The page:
Halloween has a Buffalo-area law firm in hot water.
Steven J. Baum, according to The New York Times
, is a “foreclosure mill,” which means it represents banks and mortgage companies who are trying to foreclose on people’s homes and kick them out of those properties.
Every year, the firm has a big Halloween bash. The costumes people wore to these parties were unknown—until a former employee emailed photos to the Times
from last year’s Halloween party.
Long story short, the Halloween décor and employees’ costumes could suggest, let’s say, a lack of compassion for people who are losing their homes.
From Joe Nocera’s article:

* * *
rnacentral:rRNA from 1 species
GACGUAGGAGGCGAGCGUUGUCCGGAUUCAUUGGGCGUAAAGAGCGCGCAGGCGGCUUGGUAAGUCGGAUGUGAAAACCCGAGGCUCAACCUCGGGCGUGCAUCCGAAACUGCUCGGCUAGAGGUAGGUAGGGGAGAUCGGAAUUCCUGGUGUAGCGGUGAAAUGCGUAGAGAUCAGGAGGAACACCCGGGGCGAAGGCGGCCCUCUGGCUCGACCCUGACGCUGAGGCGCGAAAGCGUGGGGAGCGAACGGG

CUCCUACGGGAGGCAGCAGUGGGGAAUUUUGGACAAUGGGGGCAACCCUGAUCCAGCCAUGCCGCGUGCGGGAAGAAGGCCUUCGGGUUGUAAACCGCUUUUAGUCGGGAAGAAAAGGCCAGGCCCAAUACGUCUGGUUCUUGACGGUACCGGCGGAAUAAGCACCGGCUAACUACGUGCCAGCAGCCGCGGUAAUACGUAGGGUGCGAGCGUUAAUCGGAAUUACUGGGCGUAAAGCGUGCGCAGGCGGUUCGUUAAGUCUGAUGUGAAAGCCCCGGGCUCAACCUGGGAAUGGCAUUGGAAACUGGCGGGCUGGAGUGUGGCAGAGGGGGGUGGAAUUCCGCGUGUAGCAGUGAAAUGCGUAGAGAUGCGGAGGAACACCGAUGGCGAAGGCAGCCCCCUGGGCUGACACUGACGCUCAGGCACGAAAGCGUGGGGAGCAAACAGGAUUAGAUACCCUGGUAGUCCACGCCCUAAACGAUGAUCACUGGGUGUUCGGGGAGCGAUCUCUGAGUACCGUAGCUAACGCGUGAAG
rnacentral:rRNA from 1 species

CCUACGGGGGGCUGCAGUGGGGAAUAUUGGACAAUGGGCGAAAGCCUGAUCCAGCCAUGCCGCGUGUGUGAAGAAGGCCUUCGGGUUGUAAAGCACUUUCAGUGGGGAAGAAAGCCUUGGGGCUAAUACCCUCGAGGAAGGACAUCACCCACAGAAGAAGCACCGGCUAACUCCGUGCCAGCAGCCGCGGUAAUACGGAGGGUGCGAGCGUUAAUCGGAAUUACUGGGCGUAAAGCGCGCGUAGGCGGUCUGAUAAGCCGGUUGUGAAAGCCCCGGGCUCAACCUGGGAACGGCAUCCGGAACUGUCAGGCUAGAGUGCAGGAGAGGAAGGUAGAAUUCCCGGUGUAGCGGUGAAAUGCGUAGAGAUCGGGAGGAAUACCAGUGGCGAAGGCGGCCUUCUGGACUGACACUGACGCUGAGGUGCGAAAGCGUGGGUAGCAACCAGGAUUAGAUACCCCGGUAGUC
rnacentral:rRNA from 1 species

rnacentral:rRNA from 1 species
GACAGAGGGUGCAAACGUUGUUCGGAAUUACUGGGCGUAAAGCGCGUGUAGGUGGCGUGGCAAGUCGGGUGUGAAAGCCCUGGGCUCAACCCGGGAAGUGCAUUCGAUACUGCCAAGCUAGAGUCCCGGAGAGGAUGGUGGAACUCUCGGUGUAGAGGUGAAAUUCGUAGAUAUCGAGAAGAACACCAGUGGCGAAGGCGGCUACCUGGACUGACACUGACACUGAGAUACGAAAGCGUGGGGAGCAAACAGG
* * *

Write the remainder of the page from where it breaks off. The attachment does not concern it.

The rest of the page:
“A third photograph shows a corner of Baum’s office decorated to look like a row of foreclosed homes. Another shows a sign that reads, ‘Baum Estates’—needless to say, it’s also full of foreclosed houses. Most of the other pictures show either mock homeless camps or mock foreclosure signs—or both.”
Nocera uses the article to point out some of the firm’s shortcomings, including a $2 million fine to resolve a Department of Justice investigation to find out whether the firm “filed misleading pleadings, affidavits, and mortgage assignments in the state and federal courts in New York.”
The firm responded to the Times
with a statement that said:
“It has been suggested that some employees dress in ... attire that mocks or attempts to belittle the plight of those who have lost their homes. Nothing could be further from the truth.”
According to the Times
, the statement described Nocera’s column as “another attempt by The New York Times
to attack our firm and our work.”
to view the photos in question.